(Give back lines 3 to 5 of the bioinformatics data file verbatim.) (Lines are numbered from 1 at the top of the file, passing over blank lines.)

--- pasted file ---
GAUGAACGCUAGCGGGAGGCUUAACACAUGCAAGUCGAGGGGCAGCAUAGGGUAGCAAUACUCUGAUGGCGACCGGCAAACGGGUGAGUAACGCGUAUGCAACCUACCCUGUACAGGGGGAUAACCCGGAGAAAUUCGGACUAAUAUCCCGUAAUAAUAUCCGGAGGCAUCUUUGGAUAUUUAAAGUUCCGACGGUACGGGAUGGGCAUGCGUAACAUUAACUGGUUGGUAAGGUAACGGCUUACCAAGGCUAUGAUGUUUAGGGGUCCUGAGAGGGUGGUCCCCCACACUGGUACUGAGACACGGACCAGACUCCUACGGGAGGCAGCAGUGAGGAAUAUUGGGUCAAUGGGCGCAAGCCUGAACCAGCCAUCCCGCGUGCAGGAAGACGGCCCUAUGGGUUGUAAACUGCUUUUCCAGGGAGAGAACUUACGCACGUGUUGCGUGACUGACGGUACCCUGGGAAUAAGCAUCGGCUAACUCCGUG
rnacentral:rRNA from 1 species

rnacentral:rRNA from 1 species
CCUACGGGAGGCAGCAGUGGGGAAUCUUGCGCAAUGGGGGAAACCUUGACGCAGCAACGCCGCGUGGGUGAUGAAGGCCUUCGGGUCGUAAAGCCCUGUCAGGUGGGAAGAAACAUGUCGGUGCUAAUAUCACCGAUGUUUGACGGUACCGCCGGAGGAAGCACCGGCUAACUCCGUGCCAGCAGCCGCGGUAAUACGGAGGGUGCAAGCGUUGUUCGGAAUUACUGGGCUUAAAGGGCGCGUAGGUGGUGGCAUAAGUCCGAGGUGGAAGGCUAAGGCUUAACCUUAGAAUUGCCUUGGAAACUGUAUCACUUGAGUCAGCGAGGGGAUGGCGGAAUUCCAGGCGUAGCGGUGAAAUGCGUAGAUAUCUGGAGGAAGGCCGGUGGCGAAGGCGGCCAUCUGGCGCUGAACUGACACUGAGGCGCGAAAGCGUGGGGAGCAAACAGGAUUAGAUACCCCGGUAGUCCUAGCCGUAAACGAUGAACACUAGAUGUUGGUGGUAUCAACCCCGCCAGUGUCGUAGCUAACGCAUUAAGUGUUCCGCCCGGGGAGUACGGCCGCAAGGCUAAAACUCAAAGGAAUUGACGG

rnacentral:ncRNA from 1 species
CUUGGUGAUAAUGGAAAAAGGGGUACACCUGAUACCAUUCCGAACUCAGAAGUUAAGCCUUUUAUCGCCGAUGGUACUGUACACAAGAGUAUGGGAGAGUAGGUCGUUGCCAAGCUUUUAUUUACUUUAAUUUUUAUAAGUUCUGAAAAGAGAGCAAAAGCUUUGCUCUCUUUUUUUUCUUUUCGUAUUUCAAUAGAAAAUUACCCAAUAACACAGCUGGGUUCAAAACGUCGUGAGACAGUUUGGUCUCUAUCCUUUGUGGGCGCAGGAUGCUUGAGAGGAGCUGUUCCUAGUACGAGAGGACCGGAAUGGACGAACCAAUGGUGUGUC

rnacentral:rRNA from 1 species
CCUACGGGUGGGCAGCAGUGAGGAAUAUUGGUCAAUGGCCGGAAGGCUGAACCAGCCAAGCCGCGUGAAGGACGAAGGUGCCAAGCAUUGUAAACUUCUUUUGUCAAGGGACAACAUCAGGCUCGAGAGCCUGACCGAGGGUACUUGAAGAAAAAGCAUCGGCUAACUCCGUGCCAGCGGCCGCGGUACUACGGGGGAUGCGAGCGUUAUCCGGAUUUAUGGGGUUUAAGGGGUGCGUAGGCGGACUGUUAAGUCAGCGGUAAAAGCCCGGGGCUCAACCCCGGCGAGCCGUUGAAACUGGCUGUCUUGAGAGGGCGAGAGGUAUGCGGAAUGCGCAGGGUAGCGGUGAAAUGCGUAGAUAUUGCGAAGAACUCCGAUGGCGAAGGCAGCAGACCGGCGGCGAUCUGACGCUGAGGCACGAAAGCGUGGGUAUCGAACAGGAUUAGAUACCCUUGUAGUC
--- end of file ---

rnacentral:rRNA from 1 species
CCUACGGGAGGCAGCAGUGGGGAAUCUUGCGCAAUGGGGGAAACCUUGACGCAGCAACGCCGCGUGGGUGAUGAAGGCCUUCGGGUCGUAAAGCCCUGUCAGGUGGGAAGAAACAUGUCGGUGCUAAUAUCACCGAUGUUUGACGGUACCGCCGGAGGAAGCACCGGCUAACUCCGUGCCAGCAGCCGCGGUAAUACGGAGGGUGCAAGCGUUGUUCGGAAUUACUGGGCUUAAAGGGCGCGUAGGUGGUGGCAUAAGUCCGAGGUGGAAGGCUAAGGCUUAACCUUAGAAUUGCCUUGGAAACUGUAUCACUUGAGUCAGCGAGGGGAUGGCGGAAUUCCAGGCGUAGCGGUGAAAUGCGUAGAUAUCUGGAGGAAGGCCGGUGGCGAAGGCGGCCAUCUGGCGCUGAACUGACACUGAGGCGCGAAAGCGUGGGGAGCAAACAGGAUUAGAUACCCCGGUAGUCCUAGCCGUAAACGAUGAACACUAGAUGUUGGUGGUAUCAACCCCGCCAGUGUCGUAGCUAACGCAUUAAGUGUUCCGCCCGGGGAGUACGGCCGCAAGGCUAAAACUCAAAGGAAUUGACGG

rnacentral:ncRNA from 1 species